Hypertension in Cats

Hypertension (high blood pressure) is relatively common in cats in association with certain underlying systemic diseases. It has the potential to create a severe threat to feline health. The condition can be dangerous in itself, responsible for a variety of disorders adversely affecting, for example, a cat’s eyesight, kidney activity, or cardiac function.  Fortunately, with timely and appropriate veterinary monitoring and treatment, feline hypertension—whatever its cause—is almost always manageable.

In humans, blood pressure is usually measured with a cuff, pressure gauge and stethoscope.  Two values are taken into account, the higher one being the blood pressure in the arteries that is recorded when the heart beats (systolic pressure), the lower value when the heart rests between beats (diastolic pressure).  In cats, the artery is too small to hear with a stethoscope, so a more sensitive instrument, called an Ultrasonic Doppler Flow Detector is used.  Also, the diastolic pressure is of little importance in the cat, so usually only the systolic pressure is recorded.  Normal human blood pressure is 120/80 mmHg (which stands for millimeters of mercury), while in cats, normal systolic blood pressure is typically higher than that, up to 180 mmHg.

In rare cases, a cat’s elevated blood pressure has no discernible cause. This is known as primary—or “essential”—hypertension. Although primary hypertension is commonly diagnosed in humans, it is relatively rare in cats. On the other hand, veterinarians frequently diagnose “secondary” hypertension, which is a consequence of an underlying primary disease. Occasionally, the condition can stem from the presence of a heart ailment or a tumor that is producing excessive amounts of corticosteroids or of certain hormones, such as epinephrine. It is also possible for some medications to cause a temporary rise in a cat’s blood pressure. But in the great majority of cases, secondary feline hypertension is a consequence of kidney disease, hyperthyroidism or diabetes. There is no recognized predisposition for feline hypertension in terms of gender or breed, but an animal’s age does seem to be relevant. That is, the risk for hypertension rises as a cat grows older.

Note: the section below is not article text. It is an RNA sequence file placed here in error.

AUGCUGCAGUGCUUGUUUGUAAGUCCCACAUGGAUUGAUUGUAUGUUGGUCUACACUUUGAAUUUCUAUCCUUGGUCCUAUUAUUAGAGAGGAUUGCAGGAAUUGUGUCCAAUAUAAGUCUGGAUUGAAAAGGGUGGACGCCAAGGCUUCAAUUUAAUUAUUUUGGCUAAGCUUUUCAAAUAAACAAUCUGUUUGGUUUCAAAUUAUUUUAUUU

Cats with advanced hypertension will typically exhibit problems associated with the systems that are affected by the condition: the ocular system (sudden blindness or retinal hemorrhaging); the renal system (poor appetite, weight loss, increased drinking and urination); the neurologic system (seizures, disorientation); and the cardiovascular system (difficulty in breathing).

Animal Medical Clinic advises cat owners to have their animals undergo veterinary evaluations at least once a year, and more often if there are significant chronic disease conditions.  That evaluation should include blood pressure measurement at least once a year on cats with heart or kidney disease so that problems such hypertension can be identified early and appropriate therapy can be initiated. When a cat is diagnosed with hypertension, thorough bloodwork will be done in an effort to identify the cause. Treatment for the condition currently centers on two types of medications: calcium channel blockers (such as amlodipine) and angiotensin-converting enzyme (ACE) inhibitors (such as benazepril), both of which work by relaxing and dilating an animal’s blood vessels. With these medications, feline hypertension is frequently controllable and even reversible, especially when the underlying disease is successfully treated.